Searle argues that languages made the hominids think and do speech acts that are not possible without language (194). This suggests that if human (or human-like) language is given to animals (especially human-like primates such as apes), it will open the path for them to think and make speech acts as it did to humans. However, I disagree with this argument and want to suggest that animals can never attain human language or vice versa, because these two types of languages lie in two distinctive areas and share different cultures that have never been learnable to each other.
Human language and animal language lie in two different areas that are not shareable and approachable by each other. Human language originates and relies on external factor such as speakers in a language community whereas animal language arises and exists in its innate biology. Eales’ study about zebra finches demonstrates that male zebra finches that were exposed only to the female zebra finches during their sensitive phase were able to obtain male song when it was available for them later. Furthermore, they no longer used the female song when they found what was natural to them. As Eales suggests, this study indicates that there is a suitable and natural language for animals, unlike humans. For humans, language acquirement heavily relies on the surrounding of a learner. As Saussure suggests, language exists in a contract (638). A contract has characteristics. First, there has to be two or more people who make and agree to the contract. Second, if the contract does not work well, the speakers are allowed to modify it because the contract itself is not innate. It exists to “serve” the speakers. Thus, if it does not function as a “server” well, then the speakers can modify it or create a new one. When the Hebrew language, for example, revived again, the Language Council created new words by modifying existed words. This practice was possible only for human language, because the language lies in speakers and their contract. However, as I introduced Eales’ study about zebra finches, animal language cannot be a contract, but a natural biological factor that they are destined to have. It lies in their biology, rather than contract. Humans are not doomed to learn a particular language as babies are called “citizens of the world” due to their flexibility in adopting a language(s). Another evidence can be found in feral children who were raised by animals without any exposure to a human language. They attain neither a human language nor an animal language because the origin of these two languages does not overlap at all. Thus animal language is determined by their internal factor, which is their biology while human language is determined by external elements, which are the contract and their surroundings.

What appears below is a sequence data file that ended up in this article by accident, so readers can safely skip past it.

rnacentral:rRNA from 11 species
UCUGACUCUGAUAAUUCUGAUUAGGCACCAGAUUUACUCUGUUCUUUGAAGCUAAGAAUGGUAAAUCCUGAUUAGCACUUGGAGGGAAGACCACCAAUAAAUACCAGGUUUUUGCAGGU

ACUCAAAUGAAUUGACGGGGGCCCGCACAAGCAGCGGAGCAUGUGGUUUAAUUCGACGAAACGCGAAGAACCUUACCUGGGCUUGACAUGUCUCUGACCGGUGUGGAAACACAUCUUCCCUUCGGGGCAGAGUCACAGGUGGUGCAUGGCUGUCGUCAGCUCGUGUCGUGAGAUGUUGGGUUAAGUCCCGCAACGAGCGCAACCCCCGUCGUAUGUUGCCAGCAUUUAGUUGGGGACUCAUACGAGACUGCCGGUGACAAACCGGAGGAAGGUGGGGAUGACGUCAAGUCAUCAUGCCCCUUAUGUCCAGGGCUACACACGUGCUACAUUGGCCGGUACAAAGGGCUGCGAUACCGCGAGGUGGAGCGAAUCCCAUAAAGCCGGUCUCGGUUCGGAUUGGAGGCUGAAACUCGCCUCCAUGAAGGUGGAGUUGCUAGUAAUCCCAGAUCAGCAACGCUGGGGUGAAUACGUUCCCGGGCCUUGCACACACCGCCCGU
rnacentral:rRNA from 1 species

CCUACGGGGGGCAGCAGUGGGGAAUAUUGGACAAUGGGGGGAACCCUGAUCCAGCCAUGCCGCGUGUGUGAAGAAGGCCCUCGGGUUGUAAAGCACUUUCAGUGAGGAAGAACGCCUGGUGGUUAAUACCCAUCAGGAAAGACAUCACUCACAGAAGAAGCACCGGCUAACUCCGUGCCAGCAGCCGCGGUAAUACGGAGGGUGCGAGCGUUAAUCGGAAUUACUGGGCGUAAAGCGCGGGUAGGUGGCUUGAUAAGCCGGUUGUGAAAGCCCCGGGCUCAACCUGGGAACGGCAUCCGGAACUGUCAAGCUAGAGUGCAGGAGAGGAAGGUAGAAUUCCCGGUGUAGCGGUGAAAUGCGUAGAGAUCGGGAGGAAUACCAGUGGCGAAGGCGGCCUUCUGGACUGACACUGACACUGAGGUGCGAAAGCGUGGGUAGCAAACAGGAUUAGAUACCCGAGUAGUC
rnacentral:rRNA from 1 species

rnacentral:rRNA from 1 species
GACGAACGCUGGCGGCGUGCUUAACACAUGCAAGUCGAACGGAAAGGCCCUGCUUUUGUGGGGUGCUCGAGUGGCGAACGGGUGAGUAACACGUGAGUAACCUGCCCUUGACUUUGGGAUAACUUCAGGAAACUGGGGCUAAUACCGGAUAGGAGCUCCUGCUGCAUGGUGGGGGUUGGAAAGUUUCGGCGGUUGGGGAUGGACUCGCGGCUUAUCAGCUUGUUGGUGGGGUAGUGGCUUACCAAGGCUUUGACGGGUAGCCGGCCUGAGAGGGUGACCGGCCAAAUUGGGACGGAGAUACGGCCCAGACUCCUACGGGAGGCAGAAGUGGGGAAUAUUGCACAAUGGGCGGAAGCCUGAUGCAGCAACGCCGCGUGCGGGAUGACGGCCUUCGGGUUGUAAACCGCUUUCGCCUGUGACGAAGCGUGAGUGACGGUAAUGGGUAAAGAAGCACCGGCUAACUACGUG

Another reason that animals are not able to attain human language comes from its lack of ability to learn a human culture. Human language is conventionalized and culturally bound. That does not mean human cannot attain a second language that is from his own mother tongue. When human learns a second language, he understands that language is culturally conventionalized from his experience of the mother tongue. However, animals do not have this culture to take it as a reference as humans do. Savage Rumbaugh et al. argues that because Chimpanzee Lana did not have the same socio-cultural context a as human, she could not make connections between words and its meaning. Then a question arises: Can Lana learn a culture that will lead her to learn a human language? My answer is no. Many aspects of human culture have derived from what we do not see physically (i.e., customs, morals, history, etc.). However, it is hard to find evidence if animals perceive concepts that they do not see physically. Using different types of tenses, for example, demonstrates animal’s lack of understanding of culture, or things that they cannot see. Almost every human language has some kind of tense distinction. Not only that, the human being has been interested in times that they cannot see for a long time as many ancient murals, potteries, and art pieces demonstrate. It contains different time frames including even before life and afterlife. Usage of different time frame emerged from their desire and demand to express something that they do not see. However, we do not observe any trace like this from animal language. They do not have the perception of the time frame that does not exist in the present, which suggests that animals cannot obtain culture that humans naturally have.
Because human language and animal language are generated from two distinctive areas, they are not only manifested to be developed differently but also cannot be accessed by each other. Also human’s ability to perceive time and objects that they cannot see yielded cultural differences between the two languages. Thus, an animal can never attain human language or vice versa. My argument also suggests that language evolution from animal to people never happened and will not happen either because of the two reasons that I listed